At a farewell speech to more than 200 colleagues in Sydney, Mr Fitton said: "Finally, I would like to apologise to all of those salary and wage earners who I have had dealings with.
"I do not think the ATO treats you fairly and equitably compared with the big end of town . . .
"Every day we prosecute small taxpayers for not lodging or whatever. But in the last five years I have not seen any prosecutions of the big end of town."
Mr Ben Morris, another retired ATO inspector who attended the farewell, backed Mr Fitton's claims of bias saying: "It is far easier for the tax office to go after small taxpayers than those at the top who can marshall expensive lawyers and accountants to protect them.
"There are two different standards at the ATO - one for the top end and another for the bottom end . . ."
Mr Fitton and Mr Morris were members of a Chatswood-based audit unit which won notoriety in the 1980s for zealously pursuing tax cheats when the ATO commissioner was Trevor Boucher.
Their unit launched high-profile prosecutions against two prominent politicians, Liberal MPs Terry Metherell and Phillip Smiles, and subsequently became the subject of a Senate inquiry into the unit's disbandment.
· Mr Fitton and Mr Morris
· See Also Cashed-up taxman launches blitz: Collections from tax audits have tripled from $1 billion in 2002-03 to $3.3 billion this financial year
The story of Abdurahman Khadr and his journey from Osama bin Laden to the CIA provides insight into Al Qaeda, US intelligence and the hidden world inside Guantanamo Bay. “Al Qaeda Family” @ 8.30 pm Monday 17 May ABC TV
Eye on Politics & Law Lords: Marco Polos: Microsoft-Sponsored Trips
Katherine M. Skiba and Jeff Nelson of the Milwaukee Journal Sentinel reviewed congressional travel records to find that Microsoft and affiliated firms have lavished $180,429 on members of Congress, their spouses and aides in the 16 months ending in April, the records show. Most trips were to Microsoft headquarters, records show. Some trips involved Microsoft product launches, while seven spouses accompanied lawmakers on trips since January 2003. Rep. H. James Sensenbrenner, chairman of the House Judiciary Committee, along with his wife and staff, accepted trips worth $72,405.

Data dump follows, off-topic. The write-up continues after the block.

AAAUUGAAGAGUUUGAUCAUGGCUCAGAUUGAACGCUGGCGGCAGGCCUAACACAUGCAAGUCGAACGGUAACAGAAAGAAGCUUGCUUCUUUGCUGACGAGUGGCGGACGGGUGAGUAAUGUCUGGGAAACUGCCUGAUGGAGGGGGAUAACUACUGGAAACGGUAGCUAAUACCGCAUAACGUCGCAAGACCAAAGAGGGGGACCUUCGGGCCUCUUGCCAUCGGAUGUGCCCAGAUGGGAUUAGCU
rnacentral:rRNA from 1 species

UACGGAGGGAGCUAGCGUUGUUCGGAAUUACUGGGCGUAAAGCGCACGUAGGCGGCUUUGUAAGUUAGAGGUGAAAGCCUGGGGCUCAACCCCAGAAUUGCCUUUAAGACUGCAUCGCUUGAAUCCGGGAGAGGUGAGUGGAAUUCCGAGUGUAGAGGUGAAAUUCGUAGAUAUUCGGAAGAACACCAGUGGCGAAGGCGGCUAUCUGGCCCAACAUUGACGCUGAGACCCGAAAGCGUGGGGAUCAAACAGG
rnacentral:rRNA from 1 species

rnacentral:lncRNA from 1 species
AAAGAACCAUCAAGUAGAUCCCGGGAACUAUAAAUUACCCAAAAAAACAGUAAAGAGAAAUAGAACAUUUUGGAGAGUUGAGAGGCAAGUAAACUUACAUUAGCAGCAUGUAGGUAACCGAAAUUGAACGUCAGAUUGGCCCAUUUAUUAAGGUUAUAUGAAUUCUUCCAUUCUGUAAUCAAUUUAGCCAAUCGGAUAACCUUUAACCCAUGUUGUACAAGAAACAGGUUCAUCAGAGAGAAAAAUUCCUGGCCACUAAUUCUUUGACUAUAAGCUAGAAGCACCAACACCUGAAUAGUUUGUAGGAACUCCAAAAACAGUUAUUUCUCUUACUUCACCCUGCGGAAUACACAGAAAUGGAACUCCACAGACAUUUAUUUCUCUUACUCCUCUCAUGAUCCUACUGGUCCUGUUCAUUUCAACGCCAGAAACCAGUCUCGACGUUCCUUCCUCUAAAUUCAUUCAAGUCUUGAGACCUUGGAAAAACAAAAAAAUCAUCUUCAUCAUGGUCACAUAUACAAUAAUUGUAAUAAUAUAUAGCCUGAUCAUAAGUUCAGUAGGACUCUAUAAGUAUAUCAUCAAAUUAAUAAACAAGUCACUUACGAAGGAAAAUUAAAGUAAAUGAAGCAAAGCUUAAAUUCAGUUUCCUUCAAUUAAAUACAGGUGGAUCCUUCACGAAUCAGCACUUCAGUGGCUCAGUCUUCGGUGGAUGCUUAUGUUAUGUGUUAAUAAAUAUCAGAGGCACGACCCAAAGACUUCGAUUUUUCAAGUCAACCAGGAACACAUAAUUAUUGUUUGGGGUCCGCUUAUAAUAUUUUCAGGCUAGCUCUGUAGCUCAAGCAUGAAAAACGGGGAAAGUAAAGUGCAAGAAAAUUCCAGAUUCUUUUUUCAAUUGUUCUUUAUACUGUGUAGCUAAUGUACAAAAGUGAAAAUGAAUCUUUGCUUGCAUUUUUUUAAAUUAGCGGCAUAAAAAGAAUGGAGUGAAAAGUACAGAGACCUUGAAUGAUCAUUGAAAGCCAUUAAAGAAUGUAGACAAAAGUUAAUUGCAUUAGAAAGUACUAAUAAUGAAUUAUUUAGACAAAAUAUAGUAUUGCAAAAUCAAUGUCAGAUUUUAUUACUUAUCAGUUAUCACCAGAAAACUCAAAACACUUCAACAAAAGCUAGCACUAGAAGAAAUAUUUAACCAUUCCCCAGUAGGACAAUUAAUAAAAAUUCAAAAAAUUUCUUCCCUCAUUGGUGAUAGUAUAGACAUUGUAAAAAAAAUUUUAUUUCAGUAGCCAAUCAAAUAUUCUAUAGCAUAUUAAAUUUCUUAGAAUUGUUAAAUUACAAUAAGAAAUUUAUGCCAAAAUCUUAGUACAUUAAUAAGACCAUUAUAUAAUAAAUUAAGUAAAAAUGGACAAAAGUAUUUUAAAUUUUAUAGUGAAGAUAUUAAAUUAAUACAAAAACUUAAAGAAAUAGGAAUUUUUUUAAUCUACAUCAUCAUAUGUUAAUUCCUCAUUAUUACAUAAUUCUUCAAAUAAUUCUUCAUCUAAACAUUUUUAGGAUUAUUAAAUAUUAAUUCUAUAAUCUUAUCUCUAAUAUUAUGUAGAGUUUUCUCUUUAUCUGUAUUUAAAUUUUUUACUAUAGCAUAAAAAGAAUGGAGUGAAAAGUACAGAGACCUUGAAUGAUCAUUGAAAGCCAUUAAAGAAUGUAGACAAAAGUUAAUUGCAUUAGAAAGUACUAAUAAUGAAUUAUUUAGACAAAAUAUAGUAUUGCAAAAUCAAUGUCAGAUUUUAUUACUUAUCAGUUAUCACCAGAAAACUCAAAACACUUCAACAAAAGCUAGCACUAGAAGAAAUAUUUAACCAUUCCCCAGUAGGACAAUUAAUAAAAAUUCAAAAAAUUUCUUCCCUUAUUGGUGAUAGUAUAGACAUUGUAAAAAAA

· Pacific Islanders & Parliamentary Clerks [ via Scoop]
· See Also Havel says the obvious: Europe is lacking politicians capable of implementing their visions -- politicians who can stick to their beliefs despite fickle public opinion
· See Also Bill Clinton is back: The final sentence of his memoirs completed... & this time Clinton is getting personal about Bush
· See Also Berg Case Gets Even More Bizarre
· See Also Devika Hovell: Legal obligation or not, we must do more than express disgust
· See Also The Rule of Law and the Rules of War: Counsel to the President Alberto Gonzales says the United States is bound to observe the rules of war in the Geneva Conventions
· See Also Where is the outcry over these accounts of physical and mental harm in our detention camps?
· See Also Terrorism and International Law: A Catholic Perspective
· See Also Catholically Courageous Carr Casting the First Stone: Clubs Politics to Turn Extremely Personal [ Club Called Panthers ]
Sunday, May 16, 2004
According to Reuters, BMW drivers are more likely to lie to magazine surveys, and Porsche drivers really are trying to compensate for something.
Tracking Policies & Investigative Stories: The Politics of Petroleum